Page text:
With multi-unit dwellings giving way to single-unit homes, neighborhoods like Logan Square, Humboldt Park, Pilsen, La Villita, with a historic high number of Latino residents, are seeing their numbers dwindle.
Gentrification is driving out Latino residents and with them the ethnic and cultural identities of neighborhoods that were once major gateways for new immigrants, primarily from Mexico and Latin American countries. Now those neighborhoods are attracting wealthy, and often white, residents.
As property taxes spike and community members remain on fixed incomes, many homeowners feel they’re being pushed out of the neighborhood they’ve lived in their whole life.
The Cook County Assessor’s Office wants the public to understand what programs are out there to help them. Angelina Romero, Chief Communications Officer at the Cook County Assessor’s Office, was a guest on the podcast, “3 Questions With…”, hosted by Hugo Balta, publisher of IL Latino News.
There are over 130 different municipalities in Cook County, Chicago. The state of Illinois is known to have some of the highest property taxes in the U.S, and Cook County is no different with an average effective rate of 2.19%, more than double the national average, according to smartasset.
It’s an issue that Romero says the Assessor’s Office works with the community by providing information and education. “We use an algorithmic model with these (property) values,” she said that takes into account sales data over the last three years. Romero says there’s a misconception that the Assessor’s Office goes out into the communities and appraises every single property.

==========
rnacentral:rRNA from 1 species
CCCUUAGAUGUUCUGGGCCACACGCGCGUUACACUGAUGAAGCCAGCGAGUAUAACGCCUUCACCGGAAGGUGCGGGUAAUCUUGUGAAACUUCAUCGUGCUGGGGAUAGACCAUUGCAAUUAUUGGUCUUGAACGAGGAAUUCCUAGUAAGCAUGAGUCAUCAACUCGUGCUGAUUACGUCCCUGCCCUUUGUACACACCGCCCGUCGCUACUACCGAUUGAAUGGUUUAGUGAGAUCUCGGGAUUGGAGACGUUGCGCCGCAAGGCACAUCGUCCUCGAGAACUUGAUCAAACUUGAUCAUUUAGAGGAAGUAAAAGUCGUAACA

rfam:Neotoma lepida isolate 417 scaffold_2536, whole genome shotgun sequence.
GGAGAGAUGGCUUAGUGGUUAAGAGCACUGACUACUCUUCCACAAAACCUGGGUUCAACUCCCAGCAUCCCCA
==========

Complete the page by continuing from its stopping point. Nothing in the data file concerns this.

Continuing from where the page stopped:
The Office uses a market model that includes property characteristics such as the square footage and age of a home in determining what it would sell for in today’s market. “If you see homes go up in your neighborhood, it’s very likely your home (is also) valued as more.” For residential properties, per Cook County, a property’s assessed value equals 10% of its fair market value.
Romero says there’s a flip side to property values going up, “Your equity power increases, but it also increases your property taxes.” It’s those increases that are often the root cause of gentrification. “There’s definitely been a lot of gentrification going on in Mexican American neighborhoods, Latino neighborhoods across Chicago.” She says Cook County Assessor Fritz Kaegi and his staff have been heavily involved in think tank initiatives like the one in Pilsen where community leaders invited the Office to provide feedback and help with any policy changes; including accompanying them to advocate in Springfield.
“It’s hard to hear those stories,” said Romero about public testimonials at town halls from home owners on the effects of gentrification. “They are people who look just like you, your grandmother, your parents. I feel for them and their neighborhoods.”
Romero also shared how her “Nana” (what she affectionately calls her grandmother) instilled the importance of homeownership and how it provides “safety, shelter, and security – something that you can pass down to your family.” That lived experience inspired a career in public service with a focus on housing. “She was the type that always took in anyone who needed a place to stay, or that maybe was going through a difficult time.”
“3 Questions With…” is co-produced by the Latino News Network (LNN), an independent, multimedia digital news outlet with local newsrooms in the Northeast and Midwest, including IL Latino News and CAN TV, Chicago’s hub for community centric news, hyperlocal stories and educational resources.